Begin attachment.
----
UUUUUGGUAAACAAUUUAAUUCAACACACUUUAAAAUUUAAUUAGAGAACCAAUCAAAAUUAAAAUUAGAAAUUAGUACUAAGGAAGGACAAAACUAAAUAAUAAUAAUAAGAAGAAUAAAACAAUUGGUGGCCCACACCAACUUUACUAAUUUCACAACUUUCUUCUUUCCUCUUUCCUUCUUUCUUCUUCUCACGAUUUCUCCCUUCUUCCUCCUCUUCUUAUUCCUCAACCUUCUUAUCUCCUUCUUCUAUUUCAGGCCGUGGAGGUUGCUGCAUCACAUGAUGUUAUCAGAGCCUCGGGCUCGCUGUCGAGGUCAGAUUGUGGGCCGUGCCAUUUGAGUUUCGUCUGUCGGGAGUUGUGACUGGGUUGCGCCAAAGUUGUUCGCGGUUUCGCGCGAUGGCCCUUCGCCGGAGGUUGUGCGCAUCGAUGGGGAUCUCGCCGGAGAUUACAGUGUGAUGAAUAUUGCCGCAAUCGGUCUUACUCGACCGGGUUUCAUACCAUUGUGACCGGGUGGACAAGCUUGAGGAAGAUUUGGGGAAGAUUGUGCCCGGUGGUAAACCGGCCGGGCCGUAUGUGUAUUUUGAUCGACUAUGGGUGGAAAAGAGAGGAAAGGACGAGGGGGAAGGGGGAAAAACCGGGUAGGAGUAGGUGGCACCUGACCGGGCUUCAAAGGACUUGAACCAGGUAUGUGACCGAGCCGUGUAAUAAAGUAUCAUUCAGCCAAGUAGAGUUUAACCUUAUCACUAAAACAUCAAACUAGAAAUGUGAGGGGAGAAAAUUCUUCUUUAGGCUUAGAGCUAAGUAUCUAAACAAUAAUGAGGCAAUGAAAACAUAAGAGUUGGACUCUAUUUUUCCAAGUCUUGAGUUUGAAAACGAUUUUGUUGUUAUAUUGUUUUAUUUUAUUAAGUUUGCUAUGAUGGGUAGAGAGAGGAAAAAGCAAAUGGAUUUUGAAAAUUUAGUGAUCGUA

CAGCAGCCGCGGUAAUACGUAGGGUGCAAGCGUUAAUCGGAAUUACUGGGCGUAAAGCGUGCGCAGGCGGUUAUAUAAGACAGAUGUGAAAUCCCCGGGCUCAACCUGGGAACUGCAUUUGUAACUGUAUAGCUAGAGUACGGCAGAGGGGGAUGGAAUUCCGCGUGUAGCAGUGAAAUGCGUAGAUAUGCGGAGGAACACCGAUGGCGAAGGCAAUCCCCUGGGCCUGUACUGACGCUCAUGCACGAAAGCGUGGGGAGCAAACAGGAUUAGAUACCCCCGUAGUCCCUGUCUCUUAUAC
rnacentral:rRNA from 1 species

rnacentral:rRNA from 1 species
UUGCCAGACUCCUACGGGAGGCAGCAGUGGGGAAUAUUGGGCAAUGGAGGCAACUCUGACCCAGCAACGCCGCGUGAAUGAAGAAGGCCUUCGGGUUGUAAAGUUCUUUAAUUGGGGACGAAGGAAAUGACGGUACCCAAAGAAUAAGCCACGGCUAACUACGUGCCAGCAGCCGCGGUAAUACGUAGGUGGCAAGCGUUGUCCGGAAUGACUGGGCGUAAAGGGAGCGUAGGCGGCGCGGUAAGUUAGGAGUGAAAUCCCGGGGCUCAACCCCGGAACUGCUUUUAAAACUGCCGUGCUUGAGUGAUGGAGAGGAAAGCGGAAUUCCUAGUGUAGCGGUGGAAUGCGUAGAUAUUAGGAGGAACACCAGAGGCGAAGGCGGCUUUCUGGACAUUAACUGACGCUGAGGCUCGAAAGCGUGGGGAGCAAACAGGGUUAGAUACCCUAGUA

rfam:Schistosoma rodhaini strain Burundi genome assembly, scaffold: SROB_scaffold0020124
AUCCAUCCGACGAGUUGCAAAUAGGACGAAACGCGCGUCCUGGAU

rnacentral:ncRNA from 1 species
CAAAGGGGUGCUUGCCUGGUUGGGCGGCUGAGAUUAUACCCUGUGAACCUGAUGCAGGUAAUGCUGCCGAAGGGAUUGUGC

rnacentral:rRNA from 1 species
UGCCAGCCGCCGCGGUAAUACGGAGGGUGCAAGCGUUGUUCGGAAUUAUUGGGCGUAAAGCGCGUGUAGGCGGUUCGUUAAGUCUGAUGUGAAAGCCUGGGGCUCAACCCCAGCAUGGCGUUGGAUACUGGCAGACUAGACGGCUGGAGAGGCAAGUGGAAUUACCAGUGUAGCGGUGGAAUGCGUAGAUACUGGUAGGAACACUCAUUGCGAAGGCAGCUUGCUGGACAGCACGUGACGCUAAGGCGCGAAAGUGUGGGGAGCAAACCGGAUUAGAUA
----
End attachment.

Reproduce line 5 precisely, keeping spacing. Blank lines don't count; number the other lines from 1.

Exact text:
UUGCCAGACUCCUACGGGAGGCAGCAGUGGGGAAUAUUGGGCAAUGGAGGCAACUCUGACCCAGCAACGCCGCGUGAAUGAAGAAGGCCUUCGGGUUGUAAAGUUCUUUAAUUGGGGACGAAGGAAAUGACGGUACCCAAAGAAUAAGCCACGGCUAACUACGUGCCAGCAGCCGCGGUAAUACGUAGGUGGCAAGCGUUGUCCGGAAUGACUGGGCGUAAAGGGAGCGUAGGCGGCGCGGUAAGUUAGGAGUGAAAUCCCGGGGCUCAACCCCGGAACUGCUUUUAAAACUGCCGUGCUUGAGUGAUGGAGAGGAAAGCGGAAUUCCUAGUGUAGCGGUGGAAUGCGUAGAUAUUAGGAGGAACACCAGAGGCGAAGGCGGCUUUCUGGACAUUAACUGACGCUGAGGCUCGAAAGCGUGGGGAGCAAACAGGGUUAGAUACCCUAGUA